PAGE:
They call her the Red Tornado.
She’s a fierce gust that never enters a room unnoticed, raising heart rates and blood pressure and leaving windblown those in her way. Her flash of red hair is more extension of personality than physical attribute. She’s unpredictable and unstoppable.
And I say that all with love.
I say it because that intensity built this magazine from the ground up with nothing but sweat equity, a few credit cards and pure grit. I say it because Shavonne Blades, the owner and publisher of Yellow Scene Magazine, is perfectly aware of her whirlwind-like nature.
Ten years ago, she started a small newsletter that targeted the emerging market in Erie. Since then, it’s grown and evolved and gotten glossy. And as any media company would, this year we celebrate that 10-year landmark with self-glorifying brouhaha.
But first, you must meet the woman behind this magazine.
Before she started Yellow Scene, Shavonne spent decades in the media business—not as a journalist but selling, selling, selling. She is phenomenal at selling and a stud when it comes to advertising and marketing.
“It’s ’cause I like winning,” she laughs. “I like turning a no to a yes. I mean, that’s cool. That’s artistic: turning nothing to something.”
In 2000, Shavonne played around with the idea of starting her own publication. She visited a few contacts in Louisville and Longmont and asked if they would consider advertising in a small publication. They all said yes, and she ended up overselling the first issue of The Goldmine—a coupon book printed on yellow paper.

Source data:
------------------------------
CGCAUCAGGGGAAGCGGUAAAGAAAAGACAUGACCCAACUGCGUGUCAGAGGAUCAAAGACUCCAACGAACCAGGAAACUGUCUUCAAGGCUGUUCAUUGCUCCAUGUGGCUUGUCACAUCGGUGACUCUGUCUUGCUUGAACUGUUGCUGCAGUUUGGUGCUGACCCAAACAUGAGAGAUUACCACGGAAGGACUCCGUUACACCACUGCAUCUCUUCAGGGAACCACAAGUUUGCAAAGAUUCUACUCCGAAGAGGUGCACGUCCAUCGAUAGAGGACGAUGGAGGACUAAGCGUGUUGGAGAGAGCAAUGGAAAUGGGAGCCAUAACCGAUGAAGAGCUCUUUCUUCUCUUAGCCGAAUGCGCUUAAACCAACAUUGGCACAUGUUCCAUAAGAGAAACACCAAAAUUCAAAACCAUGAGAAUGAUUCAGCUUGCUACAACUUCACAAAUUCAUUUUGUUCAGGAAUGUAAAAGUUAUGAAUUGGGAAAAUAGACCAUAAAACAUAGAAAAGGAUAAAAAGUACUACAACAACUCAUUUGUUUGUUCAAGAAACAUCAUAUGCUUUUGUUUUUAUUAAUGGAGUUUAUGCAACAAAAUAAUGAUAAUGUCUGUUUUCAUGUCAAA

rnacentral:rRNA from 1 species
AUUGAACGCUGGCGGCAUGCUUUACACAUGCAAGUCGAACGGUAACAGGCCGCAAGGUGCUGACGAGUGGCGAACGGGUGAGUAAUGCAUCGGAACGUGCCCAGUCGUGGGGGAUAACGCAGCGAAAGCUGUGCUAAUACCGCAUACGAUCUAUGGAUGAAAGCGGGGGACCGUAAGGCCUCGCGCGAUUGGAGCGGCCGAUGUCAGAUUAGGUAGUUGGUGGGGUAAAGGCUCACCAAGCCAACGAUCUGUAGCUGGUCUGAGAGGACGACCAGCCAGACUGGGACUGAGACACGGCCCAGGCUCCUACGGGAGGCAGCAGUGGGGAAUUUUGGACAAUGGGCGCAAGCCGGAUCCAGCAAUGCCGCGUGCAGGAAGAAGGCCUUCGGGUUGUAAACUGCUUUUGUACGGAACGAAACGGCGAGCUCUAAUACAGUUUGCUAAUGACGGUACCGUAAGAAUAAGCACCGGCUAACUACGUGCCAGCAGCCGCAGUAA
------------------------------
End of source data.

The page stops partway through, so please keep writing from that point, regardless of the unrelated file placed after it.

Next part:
“I was really just horsing around. I mean, the first two issues I was really winging it,” she says. “But then, people were like, ‘I got response from that. Do another.’”
Shavonne realized there was potential in this publication, and it was worth an investment of time, money and energy. She and her young son moved into a small apartment, and she made ends meet by waiting tables and bartending.
“We were poor, poor, poor,” she says. “But I didn’t really realize it at the time.”
She added content and freelancers, focusing on local issues and events. She recruited friends to help. She hired an employee. And she was—as she is today—a force with which to be reckoned.
“You know, someone told me that in those days, people didn’t really know how to handle me,” she said. “I didn’t understand that then, but I do now.”
Ten years later, Shavonne finds herself and her continuously growing magazine in a place not necessarily defined by big paychecks or vacations in Mexico, but by a committed staff, a growing respect in the community and self awareness. I’m not talking about a crystals-and-burning-sage type of enlightenment, but a world view that is inspired by confronting and surmounting fear, sacrifice and loss. Success, she says, is creating a product that she takes pride in and having a team that works tirelessly because they love the magazine.
I ask her about success: how she grew a magazine when most pubs are struggling.
“It’s the same things that make people not like me,” she says. “I push. I never back off. I push. I never take no for an answer.”
She calls it her “God-damned unwillingness to give up.”
“I’ve had employees ask, ‘What happens if we don’t sell all the space?’” she says. “I’m like, ‘No! No! You are fired for even asking that.’ Not selling is not an answer.”
That attitude is a constant within this office: No is not an answer, coming up short is not an option.
This year, we celebrate our 10-year anniversary and the one-woman-show that grew this publication from 4,000 copies in Erie in 2000 to 70,000 copies throughout Boulder County and the North Metro area today. We also prepare for the next 10 years—because Shavonne says this is just the beginning. And we just can’t tell her no.